when a 78 label says sax or drum solo on it, it usually means the sax or drums are soloing over a group of other folks; but the drum solo by baby dodds here is unacompanied, and the sax solo by bud freeman is basically without a band (he's playing with just a drummer). there's something really special about the sound of an empty room evoking a kind of intimacy in these recordings that is profoundly human...

baby dodds is probably the most important pioneer of jazz drumming... period. brother of the other famous jazz playing dodds, johnny; baby played with three of the giants of jazz - king oliver, louis armstrong, and jellyroll morton. he was probably the first person ever to record a solo drum record in the jazz idiom.

bud freeman was born in chicago, but heavily influenced by new orleans pioneers like louis armstrong (i wonder if he ever played with or heard baby dodds?). he eventually moved to ny to work with such greats as eddie condon and joe venuti, and his style has been described as "oddly angular and consistently swinging".

atomic age, is freeman at his smoking best. i love the interplay of the skronky sax sound and the repetitive (almost meditative) rhythmic beat. baby dodd's drum improv no. 2, is simply "other"... standing outside of 99% of jazz recordings of the time like a wonderfully bad-ass of a sore thumb. these aren't mere talking drums, they're also whispering, dancing, and screaming!

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Wednesday, January 24, 2007

the architect is listening...


not knowing a good rivet from a faulty one, he tried the library without luck. schindler said "i hit each one with a hammer and listened and soon i began to detect a difference in the sound"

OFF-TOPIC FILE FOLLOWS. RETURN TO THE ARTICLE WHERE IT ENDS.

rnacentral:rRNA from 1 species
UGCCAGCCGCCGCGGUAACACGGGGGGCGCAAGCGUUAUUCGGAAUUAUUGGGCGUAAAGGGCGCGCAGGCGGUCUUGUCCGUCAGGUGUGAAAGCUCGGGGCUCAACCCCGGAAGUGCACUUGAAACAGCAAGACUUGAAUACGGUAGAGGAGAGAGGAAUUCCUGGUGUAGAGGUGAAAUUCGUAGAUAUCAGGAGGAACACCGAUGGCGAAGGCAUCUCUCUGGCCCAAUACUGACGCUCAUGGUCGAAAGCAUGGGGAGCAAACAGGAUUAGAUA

esther mccoy, rm schindler and richard neutra: two journeys

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Tuesday, January 23, 2007

from my jolly club to yours...


she's listening to the original dixie rag pickers version of bluebird blues. he's listening to jose bedoya y su conjunta playing el conductor... jolly music at it's old and scratchy finest...

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Monday, January 22, 2007



i love the body whose head is perfectly cropped by the long black band that resembles one of duchamp's string dropped rulers at the top of the image... the way his cut off head is perfectly mimicked in the guy standing next to him's cut off tie (like yin and yang... the head of the man, and the foot of the tie suggesting upward movement and then down...)... the blurred victrola horn as though the whole world of sound is running through it and it is shuddering... the way the woman with her arm over the chair back and the girl with her arms crossed are slowly being enveloped in pool-like chemical whirl... as though the sound is dropping out of the shuddering horn only to envelop them in it's sensuous flow... and how the woman on the right is stiff as a board, mentally outside of the entire picture frame, clenching her fingers until they are numb in an attempt to remain immune to the sound or the tangled web of spirits inhabiting everything else ("i will not listen... i will not listen")...and how the residue of some hidden electricity has ended up at the foot of her dress and her neighbor's elbow...attempting to connect them (as some kind of repository of reception)... and then an entire world seems to reside in the potential of the small white glowing orb at the bottom right corner... as though it were about to spread upwards and into to her body... eventually encompassing her entire being so that she will at once return to this image's world through open ears... and perhaps that central pool of clarity is already attempting to morph with the bottom right glow, so that the three women will simply be swimming (or drowning... or floating) in sound... and then it all (the pool, the glow, the sound) begins to rise even more (and perhaps even more slowly)... accepting the man with the cut tie; and eventually, as it rises whole, the man with headless body... and finally even the awkward black bar... and the two beautiful skeletal trees... and thus, the entire world is placed before our eyes, enveloped in song...